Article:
By C.R. Couch, D.P. Sponenberg, J. Beranger, A. Martin and T. Coucher
The Livestock Conservancy has made several changes to the Conservation Priority List (CPL) in 2018. Many breeds of livestock, including rabbits, cattle and poultry remained at their previous conservation priority levels.
The greatest number of changes are among horses. The Conservancy completed a comprehensive equine census during preparation for the recent Endangered Equine Summit. With an international decline in horse populations in the last decade, heritage horses and donkeys have been especially hard hit and many breeds are less secure than in previous years. A new national initiative for equine conservation launched this year, the Endangered Equine Alliance, promises positive change for rare equines.
The Dartmoor, Exmoor, and Fell Pony moved from Watch to the Critical category based on global population numbers of less than 2,000 horses per breed. The Mountain Pleasure / Rocky Mountain and Gotland moved from Watch to Threatened. The Mountain and Moorland ponies and other small breeds such as Gotland are strong animals and easy keepers, well suited to work on small acreages. On a positive note, the Shire was moved from Critical to Threatened as the global population estimate is now greater than 2,000. The United States has at least half of the world’s Shire horses, and in addition to their traditional uses, Shire horses are finding popularity as mounts for jousting and Renaissance tournaments.
Wiltshire Horn sheep are few in numbers in the United States, and the global population has fallen below 10,000. They moved from Recovering to the Watch category.
The Romeldale/CVM, on the other hand, moved up to Threatened from the Critical list, likely due to good promotion of the breed. These sheep are productive and appear likely to maintain their upward population trajectory.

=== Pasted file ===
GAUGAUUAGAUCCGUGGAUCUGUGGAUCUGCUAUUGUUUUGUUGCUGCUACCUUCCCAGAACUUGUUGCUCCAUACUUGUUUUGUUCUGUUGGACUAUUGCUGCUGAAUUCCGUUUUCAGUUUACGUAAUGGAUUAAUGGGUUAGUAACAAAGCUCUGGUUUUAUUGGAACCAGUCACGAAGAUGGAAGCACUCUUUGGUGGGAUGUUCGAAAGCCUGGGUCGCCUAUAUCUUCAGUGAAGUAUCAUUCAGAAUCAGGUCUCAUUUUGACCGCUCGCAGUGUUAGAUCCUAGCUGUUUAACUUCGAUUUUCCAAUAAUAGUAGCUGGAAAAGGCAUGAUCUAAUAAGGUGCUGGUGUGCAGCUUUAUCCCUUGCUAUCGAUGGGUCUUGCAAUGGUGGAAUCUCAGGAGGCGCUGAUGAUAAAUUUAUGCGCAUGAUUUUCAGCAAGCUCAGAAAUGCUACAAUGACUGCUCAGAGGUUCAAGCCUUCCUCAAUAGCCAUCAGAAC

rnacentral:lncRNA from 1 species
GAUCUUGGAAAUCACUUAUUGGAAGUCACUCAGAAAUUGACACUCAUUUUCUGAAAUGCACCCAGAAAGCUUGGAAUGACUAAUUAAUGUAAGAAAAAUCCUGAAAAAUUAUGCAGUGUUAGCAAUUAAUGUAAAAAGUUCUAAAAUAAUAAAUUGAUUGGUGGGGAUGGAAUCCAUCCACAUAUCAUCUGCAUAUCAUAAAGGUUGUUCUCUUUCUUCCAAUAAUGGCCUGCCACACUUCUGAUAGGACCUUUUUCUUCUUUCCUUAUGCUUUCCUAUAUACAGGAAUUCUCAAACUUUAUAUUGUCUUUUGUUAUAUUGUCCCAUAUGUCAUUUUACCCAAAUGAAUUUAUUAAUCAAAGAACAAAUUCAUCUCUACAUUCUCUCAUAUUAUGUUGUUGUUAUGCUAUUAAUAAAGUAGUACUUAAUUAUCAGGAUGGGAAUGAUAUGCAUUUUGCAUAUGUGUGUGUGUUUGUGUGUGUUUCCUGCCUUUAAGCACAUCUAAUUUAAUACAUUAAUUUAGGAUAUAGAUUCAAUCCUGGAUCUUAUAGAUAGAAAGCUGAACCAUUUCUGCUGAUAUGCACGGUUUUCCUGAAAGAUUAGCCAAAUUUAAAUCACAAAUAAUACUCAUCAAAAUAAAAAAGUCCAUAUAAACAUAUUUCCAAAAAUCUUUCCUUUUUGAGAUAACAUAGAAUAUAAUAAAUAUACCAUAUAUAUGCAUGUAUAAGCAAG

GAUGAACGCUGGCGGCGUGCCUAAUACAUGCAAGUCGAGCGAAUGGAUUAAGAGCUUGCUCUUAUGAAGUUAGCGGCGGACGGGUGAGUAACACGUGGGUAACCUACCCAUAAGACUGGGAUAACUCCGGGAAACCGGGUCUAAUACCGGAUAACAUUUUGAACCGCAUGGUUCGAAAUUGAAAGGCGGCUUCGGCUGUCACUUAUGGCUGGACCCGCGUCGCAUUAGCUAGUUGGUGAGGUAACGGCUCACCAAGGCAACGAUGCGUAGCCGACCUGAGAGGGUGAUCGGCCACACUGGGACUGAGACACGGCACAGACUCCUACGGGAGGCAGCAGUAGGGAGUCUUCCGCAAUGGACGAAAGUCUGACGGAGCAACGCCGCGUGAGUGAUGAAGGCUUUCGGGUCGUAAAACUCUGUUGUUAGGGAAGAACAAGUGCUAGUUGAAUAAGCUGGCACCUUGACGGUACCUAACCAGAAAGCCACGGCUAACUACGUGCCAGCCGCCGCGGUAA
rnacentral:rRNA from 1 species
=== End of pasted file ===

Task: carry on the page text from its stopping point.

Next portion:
Cattle remain unchanged, despite several breeds being very well suited as family cows and for grass-fed beef and dairy operations. One such multi-purpose breed, the Milking Shorthorn, has a new name: Heritage Shorthorn (Native). This new name more accurately reflects the breed’s history in the United States and its value for meat, milk, and draft purposes. Heritage Shorthorns are registered by the American Milking Shorthorn Society where they are designated in the registry as Native.
One new addition to the 2018 CPL is the Meishan pig, now listed under Critical. The Meishan pig comes from an area in China where swine have been domesticated for over 5,000 years. As such, it may be one of the oldest and most unique Heritage breeds in the swine family. There may be at least 2,000 years of genetic separation between Meishan and European pigs. International numbers are relevant to conservation status, and a resource with Huazhong School of Animal Sciences reports that there are only 1,200 verifiable pure (Middle) Meishans left on conservation breeding farms in China. Ninety-nine Meishans were imported into the United States in 1989 and divided among three research facilities for study of their large litter sizes and early maturation. The pigs have since been dispersed, and the current U.S. herd consists of pigs descended from these three bloodlines.
Reporting from individual breed registries has been crucial to this year’s changes to the CPL. Good communication with breed associations and improved international consistency in “counting our critters” should make 2018 a positive year for livestock and poultry breed conservation.
Cattle: Heritage Shorthorn (Native)